Little Thurrock

Pages 86-87

An Inventory of the Historical Monuments in Essex, Volume 4, South east. Originally published by His Majesty's Stationery Office, London, 1923.

This free content was digitised by double rekeying and sponsored by English Heritage. All rights reserved.


In this section


(O.S. 6 in. lxxxiii. S.E.)

Little Thurrock is a parish on the N. bank of the Thames adjoining Tilbury on the W.


(1). Parish Church of St. Mary stands near the middle of the parish. The walls are of flint and mixed rubble, with dressings of limestone and some Barnack stone; the roofs are tiled. The Nave was built c. 1170–80 and was extended westwards at a later date. In the 14th century the Chancel was re-built. The church has been extensively restored in modern times, when the West Tower, South Vestry, Organ Chamber and North Porch were added.

The Church, Plan

Architectural Description—The Chancel (22½ ft. by 16¾ ft.) has an E. window, all modern except the 14th-century splays and rear-arch. In the N. wall is a window also modern except for the 14th-century splays and rear-arch; further W. is a modern opening to the organ-chamber. In the S. wall are two windows similar to that in the N. wall; between them is a doorway modern except for the 14th-century splays and rear-arch. The chancel-arch is modern except for part of the moulded and carved 12th-century abaci.

Section and Plan of a Denehole

Reproduced with the permission of the Victoria County Histories.

The Nave (40½ ft. by 20 ft.) has in the N. wall two windows; the eastern is modern except for the partly restored 14th-century splays and rear-arch, the western window is modern; E. of the eastern window, externally, is a straight joint, probably the jamb of a 12th-century window; the N. doorway is modern except for part of the moulded two-centred head and label, with defaced head-stops, which are of the 14th century. In the S. wall is a window similar to the eastern window in the N. wall; E. of it is one jamb of a window, probably of the 12th century; the 12th-century S. doorway has plain jambs and round arch, covered with cement; it is now blocked.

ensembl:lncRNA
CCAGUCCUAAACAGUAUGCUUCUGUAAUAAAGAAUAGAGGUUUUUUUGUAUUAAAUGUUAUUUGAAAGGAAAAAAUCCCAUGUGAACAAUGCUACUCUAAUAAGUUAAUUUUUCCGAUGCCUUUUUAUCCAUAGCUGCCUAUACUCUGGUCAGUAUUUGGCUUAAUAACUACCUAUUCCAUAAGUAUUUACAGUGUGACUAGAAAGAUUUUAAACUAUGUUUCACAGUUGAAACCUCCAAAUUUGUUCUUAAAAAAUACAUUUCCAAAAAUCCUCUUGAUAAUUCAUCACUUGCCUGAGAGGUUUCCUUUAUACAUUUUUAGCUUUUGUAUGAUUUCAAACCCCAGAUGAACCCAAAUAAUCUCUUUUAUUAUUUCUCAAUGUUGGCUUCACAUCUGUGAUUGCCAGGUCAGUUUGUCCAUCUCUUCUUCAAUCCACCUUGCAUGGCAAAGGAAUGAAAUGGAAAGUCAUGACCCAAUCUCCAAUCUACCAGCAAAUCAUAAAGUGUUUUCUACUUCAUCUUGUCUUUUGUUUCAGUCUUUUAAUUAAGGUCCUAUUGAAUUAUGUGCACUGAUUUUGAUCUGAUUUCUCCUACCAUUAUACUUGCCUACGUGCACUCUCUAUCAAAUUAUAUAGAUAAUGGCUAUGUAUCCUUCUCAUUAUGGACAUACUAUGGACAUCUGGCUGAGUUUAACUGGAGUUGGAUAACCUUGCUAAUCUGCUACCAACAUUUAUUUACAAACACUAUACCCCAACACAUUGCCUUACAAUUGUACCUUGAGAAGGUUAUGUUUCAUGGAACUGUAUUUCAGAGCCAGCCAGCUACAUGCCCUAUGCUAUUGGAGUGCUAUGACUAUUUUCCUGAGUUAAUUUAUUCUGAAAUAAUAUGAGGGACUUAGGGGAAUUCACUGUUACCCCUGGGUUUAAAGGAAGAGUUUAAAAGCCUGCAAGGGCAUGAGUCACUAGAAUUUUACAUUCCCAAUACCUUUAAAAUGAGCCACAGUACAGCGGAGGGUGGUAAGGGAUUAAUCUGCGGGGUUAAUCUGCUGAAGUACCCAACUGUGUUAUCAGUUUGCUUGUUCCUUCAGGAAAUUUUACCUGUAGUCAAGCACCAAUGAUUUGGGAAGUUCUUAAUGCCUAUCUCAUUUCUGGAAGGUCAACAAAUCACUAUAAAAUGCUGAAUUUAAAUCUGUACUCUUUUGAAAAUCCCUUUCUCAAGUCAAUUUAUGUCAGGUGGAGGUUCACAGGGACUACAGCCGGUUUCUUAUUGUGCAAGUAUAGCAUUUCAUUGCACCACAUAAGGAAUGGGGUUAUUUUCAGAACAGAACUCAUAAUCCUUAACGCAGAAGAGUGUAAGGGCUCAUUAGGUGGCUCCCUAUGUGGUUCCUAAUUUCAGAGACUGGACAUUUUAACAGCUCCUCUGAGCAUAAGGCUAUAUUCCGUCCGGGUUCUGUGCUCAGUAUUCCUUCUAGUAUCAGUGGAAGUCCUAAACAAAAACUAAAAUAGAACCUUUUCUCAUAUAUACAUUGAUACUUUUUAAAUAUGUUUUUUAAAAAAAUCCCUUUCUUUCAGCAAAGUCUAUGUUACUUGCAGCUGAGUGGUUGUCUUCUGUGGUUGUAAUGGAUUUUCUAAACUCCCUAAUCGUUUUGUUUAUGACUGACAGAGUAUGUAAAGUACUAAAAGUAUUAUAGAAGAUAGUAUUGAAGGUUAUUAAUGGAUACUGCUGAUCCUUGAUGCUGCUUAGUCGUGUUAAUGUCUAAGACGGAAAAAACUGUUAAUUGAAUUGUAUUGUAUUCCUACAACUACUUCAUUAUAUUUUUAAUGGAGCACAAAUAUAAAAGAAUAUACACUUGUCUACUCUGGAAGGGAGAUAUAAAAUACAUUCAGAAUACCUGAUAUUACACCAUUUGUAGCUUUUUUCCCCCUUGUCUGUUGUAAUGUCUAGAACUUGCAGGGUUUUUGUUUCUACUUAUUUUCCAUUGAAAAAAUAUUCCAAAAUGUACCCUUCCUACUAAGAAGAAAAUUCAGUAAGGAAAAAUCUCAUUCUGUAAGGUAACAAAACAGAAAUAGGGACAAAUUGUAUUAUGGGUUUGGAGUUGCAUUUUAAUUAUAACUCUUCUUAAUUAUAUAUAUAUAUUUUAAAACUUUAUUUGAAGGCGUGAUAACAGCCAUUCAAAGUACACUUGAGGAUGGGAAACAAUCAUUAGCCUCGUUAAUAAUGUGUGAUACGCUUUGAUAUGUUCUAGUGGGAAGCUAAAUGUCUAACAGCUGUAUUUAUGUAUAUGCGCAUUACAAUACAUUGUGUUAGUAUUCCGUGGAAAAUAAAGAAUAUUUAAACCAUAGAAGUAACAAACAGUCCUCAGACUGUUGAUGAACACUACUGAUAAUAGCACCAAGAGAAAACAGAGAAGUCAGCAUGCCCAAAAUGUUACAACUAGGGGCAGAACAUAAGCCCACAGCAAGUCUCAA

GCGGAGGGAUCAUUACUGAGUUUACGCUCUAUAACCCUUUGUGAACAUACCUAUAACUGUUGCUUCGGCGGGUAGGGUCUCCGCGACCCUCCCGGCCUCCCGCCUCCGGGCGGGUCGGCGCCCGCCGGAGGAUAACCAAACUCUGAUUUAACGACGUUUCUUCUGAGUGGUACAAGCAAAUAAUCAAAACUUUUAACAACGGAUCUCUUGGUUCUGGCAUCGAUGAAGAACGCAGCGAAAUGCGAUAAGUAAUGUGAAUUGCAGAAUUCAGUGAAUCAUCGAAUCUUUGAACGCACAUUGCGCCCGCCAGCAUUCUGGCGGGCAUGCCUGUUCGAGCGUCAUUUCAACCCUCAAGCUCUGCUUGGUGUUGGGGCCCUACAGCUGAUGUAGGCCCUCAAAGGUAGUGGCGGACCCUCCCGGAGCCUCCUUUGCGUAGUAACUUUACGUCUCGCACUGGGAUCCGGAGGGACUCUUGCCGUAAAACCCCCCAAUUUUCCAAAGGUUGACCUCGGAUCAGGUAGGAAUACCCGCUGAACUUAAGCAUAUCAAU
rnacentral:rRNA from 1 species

Fittings—Bell: inaccessible, but said to be by Richard Phelps, 1711. Door: In N. doorway— modern with 15th or 16th-century strap-hinges, drop-handle and scutcheon-plate. Floor-slabs: In chancel—(1) to Henry Withes (?), 164(3?). In churchyard—E. side, (2) to David La . . ., 1712 (?). Piscina: In chancel (Plate, p. xlv)—with trefoiled ogee head and label, defaced head-stops, foliated finial, and quatre-foiled drain, 14th-century. Pulpit: of oak, hexagonal with bolection moulded panels, initials and date R 1700 C, cornice and legs modern. Recesses: In nave—in S. wall, at E. end, with segmental head and shafted W. jamb, re-set, remains of recess in E. wall adjoining, with attached column to S. jamb with moulded capital and springing of arch, rest of work probably re-used in recess in S. wall, early 13th-century. Reredos: Incorporated in modern work, some 15th-century tracery in panels. Sedilia: In chancel (Plate, p. xlv) —three bays with two-centred arches and moulded label with head-stops; round shafts with moulded capitals and bases and attached shafts to jambs, 14th-century. Stoup: In nave—E. of N. doorway, with triangular head and modern sill, early 16th-century. Sundial: On E. jamb of S. doorway— scratched dial.

Condition—Good, much restored.


(2). Dene-holes, in Hangman's Wood, partly in Orsett parish. There are over 70 of the pits in the neighbourhood. They each consist of a vertical shaft from 50 to 100 feet deep and from three to four feet wide ending in excavations in the chalk which in some cases open out into several chambers. Excavations undertaken by the Essex Field Club (Journal III) disclosed footholds in the sides of the shafts and marks apparently made by ropes at the edges.